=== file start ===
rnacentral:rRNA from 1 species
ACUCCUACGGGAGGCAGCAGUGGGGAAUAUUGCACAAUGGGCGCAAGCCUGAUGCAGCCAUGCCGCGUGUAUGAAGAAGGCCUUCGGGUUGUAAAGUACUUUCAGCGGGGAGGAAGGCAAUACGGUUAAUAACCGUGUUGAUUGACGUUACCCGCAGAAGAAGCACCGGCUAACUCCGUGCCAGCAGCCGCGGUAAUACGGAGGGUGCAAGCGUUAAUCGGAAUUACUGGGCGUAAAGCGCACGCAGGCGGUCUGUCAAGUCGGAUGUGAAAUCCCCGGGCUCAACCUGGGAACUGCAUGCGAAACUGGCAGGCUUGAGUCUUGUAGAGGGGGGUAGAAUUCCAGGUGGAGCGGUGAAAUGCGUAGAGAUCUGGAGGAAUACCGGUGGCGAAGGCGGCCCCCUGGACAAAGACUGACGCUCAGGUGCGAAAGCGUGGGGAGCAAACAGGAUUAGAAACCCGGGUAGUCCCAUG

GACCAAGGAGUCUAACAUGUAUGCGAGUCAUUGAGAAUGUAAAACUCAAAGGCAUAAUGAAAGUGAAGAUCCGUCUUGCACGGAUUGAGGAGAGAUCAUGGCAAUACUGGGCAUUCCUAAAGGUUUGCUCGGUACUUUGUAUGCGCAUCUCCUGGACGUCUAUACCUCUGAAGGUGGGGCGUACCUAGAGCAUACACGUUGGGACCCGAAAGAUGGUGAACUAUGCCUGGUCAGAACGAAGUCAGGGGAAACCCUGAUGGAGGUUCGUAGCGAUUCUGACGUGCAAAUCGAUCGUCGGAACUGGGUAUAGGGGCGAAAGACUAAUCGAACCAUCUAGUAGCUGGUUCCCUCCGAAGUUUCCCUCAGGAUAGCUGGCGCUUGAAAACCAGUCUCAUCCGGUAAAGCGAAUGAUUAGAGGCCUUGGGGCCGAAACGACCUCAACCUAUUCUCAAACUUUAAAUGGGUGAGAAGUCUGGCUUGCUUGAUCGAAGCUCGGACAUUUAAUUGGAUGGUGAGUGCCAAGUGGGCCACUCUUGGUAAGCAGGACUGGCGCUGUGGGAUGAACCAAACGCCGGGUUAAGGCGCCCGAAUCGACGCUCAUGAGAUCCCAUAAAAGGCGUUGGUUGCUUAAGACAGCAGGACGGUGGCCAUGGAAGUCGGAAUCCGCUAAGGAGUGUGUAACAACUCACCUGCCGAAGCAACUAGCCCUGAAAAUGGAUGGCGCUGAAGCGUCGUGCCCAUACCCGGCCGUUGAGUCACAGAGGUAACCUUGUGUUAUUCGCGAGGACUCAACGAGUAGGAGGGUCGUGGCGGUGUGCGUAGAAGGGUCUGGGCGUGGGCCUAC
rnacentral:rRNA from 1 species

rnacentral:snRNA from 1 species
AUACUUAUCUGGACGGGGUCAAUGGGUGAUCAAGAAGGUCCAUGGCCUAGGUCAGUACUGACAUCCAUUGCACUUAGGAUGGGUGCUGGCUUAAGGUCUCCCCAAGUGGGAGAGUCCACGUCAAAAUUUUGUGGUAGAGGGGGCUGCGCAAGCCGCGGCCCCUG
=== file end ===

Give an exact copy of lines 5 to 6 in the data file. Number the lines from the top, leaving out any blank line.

rnacentral:snRNA from 1 species
AUACUUAUCUGGACGGGGUCAAUGGGUGAUCAAGAAGGUCCAUGGCCUAGGUCAGUACUGACAUCCAUUGCACUUAGGAUGGGUGCUGGCUUAAGGUCUCCCCAAGUGGGAGAGUCCACGUCAAAAUUUUGUGGUAGAGGGGGCUGCGCAAGCCGCGGCCCCUG